Before throwing out a perfectly good pair of shoes plagued by a few minor scuffs, consider these six surprising ways to polish out those abrasions. You can stretch out the lifespan of your favorite kicks, save money from having to replace them, and save time, since these quick fixes take no more than 10 minutes to do. Plus, there's no need for shoe polish -- just a few common household items and a little elbow grease. Keep reading for our shoe-cleaning tips.
Toothpaste. For canvas-covered footwear, apply a little toothpaste on a cloth, and gently polish off the marks. Wipe of paste with a clean damp cloth and air dry.
Baking soda. If toothpaste doesn't work, mix together two tablespoons of baking soda and warm water. Using a cloth, apply a small amount of the paste to the mark and scrub. Add more paste as needed. Finally, wipe the paste off with a clean damp cloth and dry.
Dish detergent. Safe on most fabrics except for silky lustrous material like satin, mix a few drops of detergent with warm water, and using a cloth, scrub the scuff stains. Then, using a clean cloth, dab to dry.
Nail polish remover. Apply a little nail polish remover to a cotton ball to polish out the scuff marks. Then, apply baby powder or petroleum jelly, like Vaseline, to protect the shoe's material. This method works well for several types of textiles, from patent leather to tennis shoes.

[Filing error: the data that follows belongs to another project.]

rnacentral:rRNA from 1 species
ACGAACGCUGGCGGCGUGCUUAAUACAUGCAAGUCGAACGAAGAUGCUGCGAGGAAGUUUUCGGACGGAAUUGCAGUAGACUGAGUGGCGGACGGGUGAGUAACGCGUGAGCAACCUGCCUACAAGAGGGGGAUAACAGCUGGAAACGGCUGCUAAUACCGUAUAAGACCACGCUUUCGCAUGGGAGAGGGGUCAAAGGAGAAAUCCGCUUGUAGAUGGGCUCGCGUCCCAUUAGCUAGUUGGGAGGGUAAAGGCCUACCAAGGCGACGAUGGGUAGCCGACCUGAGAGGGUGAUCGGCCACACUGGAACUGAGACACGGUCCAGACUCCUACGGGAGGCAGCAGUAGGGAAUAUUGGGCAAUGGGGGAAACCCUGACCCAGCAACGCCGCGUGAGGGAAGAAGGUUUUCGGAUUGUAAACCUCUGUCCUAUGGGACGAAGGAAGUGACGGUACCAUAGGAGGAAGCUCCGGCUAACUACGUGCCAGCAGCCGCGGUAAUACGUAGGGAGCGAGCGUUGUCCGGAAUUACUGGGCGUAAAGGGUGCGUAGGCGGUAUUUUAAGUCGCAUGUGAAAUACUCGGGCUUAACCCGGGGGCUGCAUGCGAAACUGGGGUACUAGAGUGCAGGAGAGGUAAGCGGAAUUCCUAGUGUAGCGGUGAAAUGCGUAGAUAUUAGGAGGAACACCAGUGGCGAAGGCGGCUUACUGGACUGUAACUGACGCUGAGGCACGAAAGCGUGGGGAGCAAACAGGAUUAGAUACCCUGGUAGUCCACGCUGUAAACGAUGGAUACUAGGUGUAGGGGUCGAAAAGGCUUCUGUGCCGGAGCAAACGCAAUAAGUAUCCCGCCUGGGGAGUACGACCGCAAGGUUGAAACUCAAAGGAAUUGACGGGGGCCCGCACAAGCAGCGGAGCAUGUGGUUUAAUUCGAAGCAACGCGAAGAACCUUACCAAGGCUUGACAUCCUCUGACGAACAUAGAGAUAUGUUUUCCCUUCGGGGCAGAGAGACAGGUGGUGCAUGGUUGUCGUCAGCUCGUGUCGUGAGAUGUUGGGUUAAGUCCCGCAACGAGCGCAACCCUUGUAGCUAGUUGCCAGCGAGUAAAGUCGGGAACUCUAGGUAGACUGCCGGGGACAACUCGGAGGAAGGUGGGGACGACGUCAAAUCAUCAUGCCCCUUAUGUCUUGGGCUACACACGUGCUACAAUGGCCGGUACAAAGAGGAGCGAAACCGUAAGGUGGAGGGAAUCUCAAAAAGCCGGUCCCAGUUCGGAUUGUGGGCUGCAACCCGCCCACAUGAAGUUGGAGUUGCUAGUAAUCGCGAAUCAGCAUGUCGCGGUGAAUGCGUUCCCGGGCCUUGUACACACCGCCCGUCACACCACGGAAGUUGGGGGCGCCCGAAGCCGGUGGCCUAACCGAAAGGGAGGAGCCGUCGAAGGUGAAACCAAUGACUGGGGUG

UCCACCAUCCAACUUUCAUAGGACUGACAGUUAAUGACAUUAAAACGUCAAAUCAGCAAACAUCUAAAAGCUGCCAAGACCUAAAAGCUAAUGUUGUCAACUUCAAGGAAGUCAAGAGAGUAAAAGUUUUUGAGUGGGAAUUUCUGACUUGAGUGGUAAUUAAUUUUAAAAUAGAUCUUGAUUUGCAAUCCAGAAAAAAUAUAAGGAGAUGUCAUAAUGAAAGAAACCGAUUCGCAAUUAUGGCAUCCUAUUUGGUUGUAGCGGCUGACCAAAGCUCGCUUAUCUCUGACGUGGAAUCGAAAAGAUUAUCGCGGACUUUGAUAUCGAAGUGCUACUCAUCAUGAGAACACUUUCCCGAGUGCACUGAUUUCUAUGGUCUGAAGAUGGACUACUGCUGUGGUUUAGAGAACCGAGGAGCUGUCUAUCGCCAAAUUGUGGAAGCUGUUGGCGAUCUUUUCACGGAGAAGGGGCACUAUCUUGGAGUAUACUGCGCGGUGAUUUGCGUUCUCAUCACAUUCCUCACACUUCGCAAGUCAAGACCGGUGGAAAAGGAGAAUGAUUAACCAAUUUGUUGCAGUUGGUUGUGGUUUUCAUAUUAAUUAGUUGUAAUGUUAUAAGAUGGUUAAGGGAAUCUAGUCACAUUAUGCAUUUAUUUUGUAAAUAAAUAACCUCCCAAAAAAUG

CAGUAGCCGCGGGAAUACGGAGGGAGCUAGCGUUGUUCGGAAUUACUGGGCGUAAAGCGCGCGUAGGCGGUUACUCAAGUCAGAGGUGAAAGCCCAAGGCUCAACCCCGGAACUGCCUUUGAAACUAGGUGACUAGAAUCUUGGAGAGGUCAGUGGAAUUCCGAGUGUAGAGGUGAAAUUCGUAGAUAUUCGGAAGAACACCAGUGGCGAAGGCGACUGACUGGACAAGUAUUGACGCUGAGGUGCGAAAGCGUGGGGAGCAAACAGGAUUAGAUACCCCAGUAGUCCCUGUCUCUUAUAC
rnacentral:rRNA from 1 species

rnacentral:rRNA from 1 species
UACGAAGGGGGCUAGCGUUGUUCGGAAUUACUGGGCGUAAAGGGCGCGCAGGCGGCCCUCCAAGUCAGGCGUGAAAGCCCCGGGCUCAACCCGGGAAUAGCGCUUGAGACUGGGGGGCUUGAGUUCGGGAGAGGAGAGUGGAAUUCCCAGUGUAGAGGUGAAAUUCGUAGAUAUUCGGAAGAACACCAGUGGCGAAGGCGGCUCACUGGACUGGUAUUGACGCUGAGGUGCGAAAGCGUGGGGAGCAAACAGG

Erasers. For vinyl shoes, rub a regular pencil eraser over small or lightly scuffed areas. For suede, use a brush to sweep off any dirt that might be trapped on the fabric. (Brush in one direction rather than back and forth.) Then, gently rub off marks with an eraser.
Petroleum Jelly. For patent leather, a little dab of petroleum jelly will make shoes good as new. Simply apply to a cloth and rub the scuffed area. Then, wipe with a clean damp cloth.
Do you know other ways to clean shoe scuffs? Let us know in the comments below!
For other ways to care for your shoes, also check out these stories:
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How To Care For Your Shoes